Widow says husband would still be alive if 'certain things had not happened' at Memorial Hermann

Jessica Willey Image
Thursday, April 25, 2024
Widow says husband would be alive if 'certain things had not happened'
A Houston woman is left wondering if her husband would still be alive had he not been accepted into Memorial Hermann's transplant program.

HOUSTON, Texas (KTRK) -- The legal troubles are growing for Memorial Hermann Hospital and the doctor in charge of the hospital's liver and kidney transplant programs.

Three families, represented by the Hastings Law Firm, have filed for a temporary restraining order (TRO) against Dr. J. Steve Bynon "in order to prevent him from deleting or destroying" evidence related to the transplant program scandal and Wednesday, ABC13 spoke to a widow who plans to sue.

Bynon is accused of manipulating patient data, as first reported by The New York Times. The programs have been shut down by the hospital, citing "irregularities."

"I would have never thought someone in that position would do something like that because we trust them to do the right thing," Melanie Crowel said.

Her husband, Ron Crowel, who had lived with non-alcoholic cirrhosis of the liver for six years, was accepted into Memorial Hermann's transplant program in 2021 under the supervision of Bynon.

But Ron Crowel's turn never came. He got sicker and sicker, Melanie said. He died on March 1, 2024.

SEE ALSO: Family says they weren't notified when transplant program was suspended: 'We trusted the doctors'

"Do you think your husband could still be alive today?" reporter Jessica Willey asked.

"I do. I do believe that if certain things had not happened," Melanie said. "I'm wondering if my husband had gotten a liver if he were somewhere else or hadn't been in contact with that doctor."

"The helplessness to find out this happened is beyond my imagination," her attorney, Sean Tracey, said, calling the allegations "a medical horror story."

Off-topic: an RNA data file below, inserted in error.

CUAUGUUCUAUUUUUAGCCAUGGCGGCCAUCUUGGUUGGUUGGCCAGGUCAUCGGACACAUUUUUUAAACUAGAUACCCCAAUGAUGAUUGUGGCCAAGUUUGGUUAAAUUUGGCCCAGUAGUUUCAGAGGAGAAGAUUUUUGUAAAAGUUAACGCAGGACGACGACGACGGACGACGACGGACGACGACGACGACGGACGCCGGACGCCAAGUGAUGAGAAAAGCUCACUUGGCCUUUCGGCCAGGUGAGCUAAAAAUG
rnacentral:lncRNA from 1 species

The hospital has said they are investigating and cooperating with all regulatory authorities. Melanie hopes a lawsuit will uncover the truth. She and Ron, who was the director of security for Lakewood Church, had been married for 14 years and thought their prayers had been answered when he was accepted into the transplant program.

"I really thought he was going to get a new liver, and we wouldn't have to worry about that," she said. "He was my soul mate and my life will never be the same."

Memorial Hermann sent the following statement:

"Based on our investigation, which is still ongoing, we can confirm inappropriate changes to the donor acceptance criteria within the United Network for Organ Sharing (UNOS) transplant information database by a single physician for some patients awaiting a liver transplant. "Donor acceptance criteria" refers to factors such as the age and weight of deceased donors whose livers are being made available for transplant. Upon learning of this inappropriate activity, we immediately began an investigation, and chose to voluntarily inactivate our liver transplant program. These inappropriate changes to the donor acceptance criteria are limited to the liver transplant program and did not impact any other transplant program.

We are actively working with the University of Texas Health Science Center at Houston (UTHealth Houston) to make the necessary changes that will allow for the quick reactivation of the kidney/pancreas transplant program under a different physician leadership structure. We are hopeful that the kidney/pancreas transplant program will reopen in the near future.
Memorial Hermann has voluntarily inactivated the liver transplant program. There currently is no timeframe for the reopening of this program. All liver transplant patients have been transferred to another transplant program.

The vast majority of patients in the kidney/pancreas transplant program have opted to remain with us. Sixty (60) kidney patients are in the process of actively being transferred to another transplant program.

Our investigation is ongoing, and we continue to cooperate with all regulatory authorities. Our primary priority is ensuring continuity of compassionate care for patients who were on the transplant program lists at the hospital."

A hearing on the TRO is scheduled for Thursday morning.

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